Rep. Johnny Mack Morrow, D-Red Bay, said he will try again to pass a bill to let teachers in Franklin County train as reserve law enforcement officers in the wake of school shootings in other communities.
Although we applaud a member of the local legislative delegation for trying to develop a solution to the problem of school security, we continue to have grave doubts about arming teachers.
State Rep. Johnny Mack Morrow, D-Red Bay, has reason to worry about schools in Franklin County. Like many areas of Alabama, schools in his county are scattered across remote areas that can be 20 to 30 minutes away from the nearest law enforcement officer. An armed intruder can inflict a lot of harm in that amount of time.
Sandy Hook Elementary School, site of the nation’s latest mass school shooting, is only 2.3 miles and six minutes from the Police Department in Newtown, Conn. But even with that close proximity to police protection, the Dec. 14, 2012, shootings there left 27 dead, including 20 first-graders.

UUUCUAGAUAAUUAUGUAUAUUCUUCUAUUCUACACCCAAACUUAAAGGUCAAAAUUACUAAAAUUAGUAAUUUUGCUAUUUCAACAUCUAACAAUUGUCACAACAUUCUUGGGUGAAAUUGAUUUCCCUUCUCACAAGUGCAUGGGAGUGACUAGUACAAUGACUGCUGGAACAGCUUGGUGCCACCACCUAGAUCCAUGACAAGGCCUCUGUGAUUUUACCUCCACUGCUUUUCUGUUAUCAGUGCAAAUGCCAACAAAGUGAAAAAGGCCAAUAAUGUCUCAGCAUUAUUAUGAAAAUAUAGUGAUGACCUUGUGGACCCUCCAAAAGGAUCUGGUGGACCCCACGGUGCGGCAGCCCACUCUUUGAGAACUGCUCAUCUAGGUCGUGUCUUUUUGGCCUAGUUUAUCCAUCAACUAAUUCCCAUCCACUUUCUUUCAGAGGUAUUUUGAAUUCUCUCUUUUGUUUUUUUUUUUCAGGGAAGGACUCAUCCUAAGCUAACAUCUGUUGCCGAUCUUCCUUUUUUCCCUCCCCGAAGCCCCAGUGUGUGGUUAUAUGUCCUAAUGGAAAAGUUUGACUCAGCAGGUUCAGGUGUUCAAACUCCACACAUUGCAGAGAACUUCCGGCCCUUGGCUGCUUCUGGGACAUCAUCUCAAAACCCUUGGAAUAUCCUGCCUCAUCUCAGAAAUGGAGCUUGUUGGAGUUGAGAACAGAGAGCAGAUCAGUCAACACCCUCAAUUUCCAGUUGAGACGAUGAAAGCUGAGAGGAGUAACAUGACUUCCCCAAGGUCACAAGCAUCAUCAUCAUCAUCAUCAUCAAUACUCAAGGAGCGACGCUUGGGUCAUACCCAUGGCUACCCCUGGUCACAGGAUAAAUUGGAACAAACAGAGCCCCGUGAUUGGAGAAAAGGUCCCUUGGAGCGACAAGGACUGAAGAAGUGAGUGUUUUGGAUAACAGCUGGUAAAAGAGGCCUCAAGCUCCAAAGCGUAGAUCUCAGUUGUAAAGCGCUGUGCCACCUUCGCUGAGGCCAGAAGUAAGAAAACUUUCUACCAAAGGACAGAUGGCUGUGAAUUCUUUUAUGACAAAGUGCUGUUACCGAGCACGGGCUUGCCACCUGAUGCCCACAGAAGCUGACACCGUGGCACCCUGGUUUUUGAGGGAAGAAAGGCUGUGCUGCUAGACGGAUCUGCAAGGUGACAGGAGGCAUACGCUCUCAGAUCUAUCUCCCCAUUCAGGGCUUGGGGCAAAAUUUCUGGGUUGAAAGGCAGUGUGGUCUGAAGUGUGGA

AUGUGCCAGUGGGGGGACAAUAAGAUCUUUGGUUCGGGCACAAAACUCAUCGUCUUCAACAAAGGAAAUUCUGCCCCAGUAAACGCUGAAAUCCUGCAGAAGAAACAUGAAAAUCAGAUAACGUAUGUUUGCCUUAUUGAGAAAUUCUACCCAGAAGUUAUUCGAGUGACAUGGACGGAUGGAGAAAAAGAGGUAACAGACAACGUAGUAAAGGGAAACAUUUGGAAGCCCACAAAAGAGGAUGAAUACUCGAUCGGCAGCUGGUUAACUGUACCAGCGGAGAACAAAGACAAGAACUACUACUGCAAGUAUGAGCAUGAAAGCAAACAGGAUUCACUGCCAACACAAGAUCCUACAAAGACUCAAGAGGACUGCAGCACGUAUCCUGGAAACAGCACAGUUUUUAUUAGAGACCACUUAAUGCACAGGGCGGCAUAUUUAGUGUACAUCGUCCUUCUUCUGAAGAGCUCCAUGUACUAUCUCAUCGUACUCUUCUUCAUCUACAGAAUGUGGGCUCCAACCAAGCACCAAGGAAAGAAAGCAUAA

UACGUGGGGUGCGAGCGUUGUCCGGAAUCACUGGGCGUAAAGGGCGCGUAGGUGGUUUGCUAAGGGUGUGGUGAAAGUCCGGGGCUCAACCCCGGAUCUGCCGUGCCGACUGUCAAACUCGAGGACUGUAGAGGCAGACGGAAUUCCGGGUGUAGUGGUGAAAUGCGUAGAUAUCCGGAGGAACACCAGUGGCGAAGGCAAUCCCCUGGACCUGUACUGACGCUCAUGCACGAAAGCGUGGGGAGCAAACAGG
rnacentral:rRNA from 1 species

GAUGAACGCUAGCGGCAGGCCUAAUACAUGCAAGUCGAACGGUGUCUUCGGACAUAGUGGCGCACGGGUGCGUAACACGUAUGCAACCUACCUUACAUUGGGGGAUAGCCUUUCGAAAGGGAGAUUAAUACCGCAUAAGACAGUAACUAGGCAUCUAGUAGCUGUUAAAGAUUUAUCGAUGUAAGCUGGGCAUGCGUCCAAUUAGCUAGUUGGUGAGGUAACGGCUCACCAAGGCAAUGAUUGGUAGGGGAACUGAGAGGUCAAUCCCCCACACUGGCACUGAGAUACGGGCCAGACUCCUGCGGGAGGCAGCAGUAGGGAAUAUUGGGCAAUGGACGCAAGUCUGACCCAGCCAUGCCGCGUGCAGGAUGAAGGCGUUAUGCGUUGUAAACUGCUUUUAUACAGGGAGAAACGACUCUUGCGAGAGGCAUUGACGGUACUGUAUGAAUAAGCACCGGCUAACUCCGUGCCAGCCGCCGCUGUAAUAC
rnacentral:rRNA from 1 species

There is no way to know whether having an armed member of the school staff present would have made any difference. We can imagine scenarios in which armed staff would have lessened the carnage, made it worse or made no difference at all.
Morrow wants to pass a bill that will allow teachers and community members to volunteer to be trained as reserve officers for Franklin County schools. They would, in effect, become reserve deputies.
His bill for Franklin County passed the Legislature, but Gov. Robert Bentley vetoed it. Morrow also introduced a similar statewide bill that has not been passed out of a House committee.
Spencer Collier, director of the state Department of Homeland Security, said the Bentley administration only supports certified law enforcement officers in schools. “It is more than teaching someone to shoot at a shooting range,” he said. “We’re talking about giving individuals the state-sanctioned authority to take someone’s life.”
We share in the administration’s concerns and worry that an inadequately trained teacher or volunteer could make matters worse, leading to even more deaths.
Morrow said he is reintroducing his bill to address some of Bentley’s concerns. He and Sen. Roger Bedford, D-Russellville, will meet with school officials, the sheriff and police chiefs of Franklin County at 11 a.m. Monday to discuss his proposed bill and gain their input.
While the matter of arming teachers does, indeed, call for more debate, political leaders also need to explore ways to close loopholes in gun laws and eliminate weapons that can shoot 30 and more rounds without reloading.